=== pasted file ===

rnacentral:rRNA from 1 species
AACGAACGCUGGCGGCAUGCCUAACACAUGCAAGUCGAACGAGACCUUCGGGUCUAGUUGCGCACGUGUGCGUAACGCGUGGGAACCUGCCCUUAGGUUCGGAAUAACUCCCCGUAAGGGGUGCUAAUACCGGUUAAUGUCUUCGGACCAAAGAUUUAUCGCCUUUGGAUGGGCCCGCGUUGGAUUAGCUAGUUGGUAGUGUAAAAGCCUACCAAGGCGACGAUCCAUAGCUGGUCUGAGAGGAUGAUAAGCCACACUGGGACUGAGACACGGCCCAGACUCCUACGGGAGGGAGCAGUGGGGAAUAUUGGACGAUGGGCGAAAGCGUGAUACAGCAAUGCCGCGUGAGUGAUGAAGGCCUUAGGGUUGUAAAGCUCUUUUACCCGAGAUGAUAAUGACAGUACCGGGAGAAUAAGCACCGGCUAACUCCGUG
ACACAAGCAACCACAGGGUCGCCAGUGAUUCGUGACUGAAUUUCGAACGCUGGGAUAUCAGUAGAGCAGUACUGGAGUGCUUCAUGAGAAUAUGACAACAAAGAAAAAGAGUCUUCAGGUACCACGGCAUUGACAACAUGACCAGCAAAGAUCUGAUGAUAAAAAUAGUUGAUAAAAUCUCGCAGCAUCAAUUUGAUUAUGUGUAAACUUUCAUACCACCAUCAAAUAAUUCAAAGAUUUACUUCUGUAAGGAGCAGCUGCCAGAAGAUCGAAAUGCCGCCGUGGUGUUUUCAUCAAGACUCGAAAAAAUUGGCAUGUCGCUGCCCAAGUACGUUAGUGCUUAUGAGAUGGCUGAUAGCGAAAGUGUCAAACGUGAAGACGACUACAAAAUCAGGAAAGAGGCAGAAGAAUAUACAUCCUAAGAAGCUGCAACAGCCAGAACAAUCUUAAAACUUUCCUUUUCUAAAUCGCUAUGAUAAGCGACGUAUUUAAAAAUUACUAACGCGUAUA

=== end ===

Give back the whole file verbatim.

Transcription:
rnacentral:rRNA from 1 species
AACGAACGCUGGCGGCAUGCCUAACACAUGCAAGUCGAACGAGACCUUCGGGUCUAGUUGCGCACGUGUGCGUAACGCGUGGGAACCUGCCCUUAGGUUCGGAAUAACUCCCCGUAAGGGGUGCUAAUACCGGUUAAUGUCUUCGGACCAAAGAUUUAUCGCCUUUGGAUGGGCCCGCGUUGGAUUAGCUAGUUGGUAGUGUAAAAGCCUACCAAGGCGACGAUCCAUAGCUGGUCUGAGAGGAUGAUAAGCCACACUGGGACUGAGACACGGCCCAGACUCCUACGGGAGGGAGCAGUGGGGAAUAUUGGACGAUGGGCGAAAGCGUGAUACAGCAAUGCCGCGUGAGUGAUGAAGGCCUUAGGGUUGUAAAGCUCUUUUACCCGAGAUGAUAAUGACAGUACCGGGAGAAUAAGCACCGGCUAACUCCGUG
ACACAAGCAACCACAGGGUCGCCAGUGAUUCGUGACUGAAUUUCGAACGCUGGGAUAUCAGUAGAGCAGUACUGGAGUGCUUCAUGAGAAUAUGACAACAAAGAAAAAGAGUCUUCAGGUACCACGGCAUUGACAACAUGACCAGCAAAGAUCUGAUGAUAAAAAUAGUUGAUAAAAUCUCGCAGCAUCAAUUUGAUUAUGUGUAAACUUUCAUACCACCAUCAAAUAAUUCAAAGAUUUACUUCUGUAAGGAGCAGCUGCCAGAAGAUCGAAAUGCCGCCGUGGUGUUUUCAUCAAGACUCGAAAAAAUUGGCAUGUCGCUGCCCAAGUACGUUAGUGCUUAUGAGAUGGCUGAUAGCGAAAGUGUCAAACGUGAAGACGACUACAAAAUCAGGAAAGAGGCAGAAGAAUAUACAUCCUAAGAAGCUGCAACAGCCAGAACAAUCUUAAAACUUUCCUUUUCUAAAUCGCUAUGAUAAGCGACGUAUUUAAAAAUUACUAACGCGUAUA